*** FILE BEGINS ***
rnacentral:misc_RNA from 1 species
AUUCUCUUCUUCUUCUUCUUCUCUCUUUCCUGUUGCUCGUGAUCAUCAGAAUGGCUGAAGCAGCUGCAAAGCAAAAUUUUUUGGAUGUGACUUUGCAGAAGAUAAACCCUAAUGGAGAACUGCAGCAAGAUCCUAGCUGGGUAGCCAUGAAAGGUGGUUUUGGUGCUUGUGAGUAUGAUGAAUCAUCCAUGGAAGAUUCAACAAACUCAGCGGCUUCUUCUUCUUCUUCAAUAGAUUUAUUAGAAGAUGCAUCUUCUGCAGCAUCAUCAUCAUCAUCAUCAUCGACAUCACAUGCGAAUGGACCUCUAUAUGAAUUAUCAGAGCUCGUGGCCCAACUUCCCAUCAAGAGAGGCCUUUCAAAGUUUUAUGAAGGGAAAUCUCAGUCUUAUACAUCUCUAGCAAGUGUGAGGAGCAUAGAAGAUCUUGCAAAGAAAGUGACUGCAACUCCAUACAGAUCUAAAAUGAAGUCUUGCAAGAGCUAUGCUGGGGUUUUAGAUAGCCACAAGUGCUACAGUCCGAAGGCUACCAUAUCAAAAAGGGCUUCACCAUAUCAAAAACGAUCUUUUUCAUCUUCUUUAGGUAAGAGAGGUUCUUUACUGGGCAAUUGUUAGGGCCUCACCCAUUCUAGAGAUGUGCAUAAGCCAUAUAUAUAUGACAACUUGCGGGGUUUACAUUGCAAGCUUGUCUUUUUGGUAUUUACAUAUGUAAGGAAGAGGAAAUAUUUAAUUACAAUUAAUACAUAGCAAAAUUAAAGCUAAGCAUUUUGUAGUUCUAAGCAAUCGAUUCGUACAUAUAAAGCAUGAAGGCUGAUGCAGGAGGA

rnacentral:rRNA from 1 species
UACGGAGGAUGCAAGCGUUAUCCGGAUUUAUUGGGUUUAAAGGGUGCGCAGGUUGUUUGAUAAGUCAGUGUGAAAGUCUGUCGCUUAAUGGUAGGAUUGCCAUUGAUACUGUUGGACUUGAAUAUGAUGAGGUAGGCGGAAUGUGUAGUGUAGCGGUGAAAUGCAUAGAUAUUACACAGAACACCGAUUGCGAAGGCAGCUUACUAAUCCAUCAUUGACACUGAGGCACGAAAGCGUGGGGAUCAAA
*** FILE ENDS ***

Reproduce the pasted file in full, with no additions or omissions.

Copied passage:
rnacentral:misc_RNA from 1 species
AUUCUCUUCUUCUUCUUCUUCUCUCUUUCCUGUUGCUCGUGAUCAUCAGAAUGGCUGAAGCAGCUGCAAAGCAAAAUUUUUUGGAUGUGACUUUGCAGAAGAUAAACCCUAAUGGAGAACUGCAGCAAGAUCCUAGCUGGGUAGCCAUGAAAGGUGGUUUUGGUGCUUGUGAGUAUGAUGAAUCAUCCAUGGAAGAUUCAACAAACUCAGCGGCUUCUUCUUCUUCUUCAAUAGAUUUAUUAGAAGAUGCAUCUUCUGCAGCAUCAUCAUCAUCAUCAUCAUCGACAUCACAUGCGAAUGGACCUCUAUAUGAAUUAUCAGAGCUCGUGGCCCAACUUCCCAUCAAGAGAGGCCUUUCAAAGUUUUAUGAAGGGAAAUCUCAGUCUUAUACAUCUCUAGCAAGUGUGAGGAGCAUAGAAGAUCUUGCAAAGAAAGUGACUGCAACUCCAUACAGAUCUAAAAUGAAGUCUUGCAAGAGCUAUGCUGGGGUUUUAGAUAGCCACAAGUGCUACAGUCCGAAGGCUACCAUAUCAAAAAGGGCUUCACCAUAUCAAAAACGAUCUUUUUCAUCUUCUUUAGGUAAGAGAGGUUCUUUACUGGGCAAUUGUUAGGGCCUCACCCAUUCUAGAGAUGUGCAUAAGCCAUAUAUAUAUGACAACUUGCGGGGUUUACAUUGCAAGCUUGUCUUUUUGGUAUUUACAUAUGUAAGGAAGAGGAAAUAUUUAAUUACAAUUAAUACAUAGCAAAAUUAAAGCUAAGCAUUUUGUAGUUCUAAGCAAUCGAUUCGUACAUAUAAAGCAUGAAGGCUGAUGCAGGAGGA

rnacentral:rRNA from 1 species
UACGGAGGAUGCAAGCGUUAUCCGGAUUUAUUGGGUUUAAAGGGUGCGCAGGUUGUUUGAUAAGUCAGUGUGAAAGUCUGUCGCUUAAUGGUAGGAUUGCCAUUGAUACUGUUGGACUUGAAUAUGAUGAGGUAGGCGGAAUGUGUAGUGUAGCGGUGAAAUGCAUAGAUAUUACACAGAACACCGAUUGCGAAGGCAGCUUACUAAUCCAUCAUUGACACUGAGGCACGAAAGCGUGGGGAUCAAA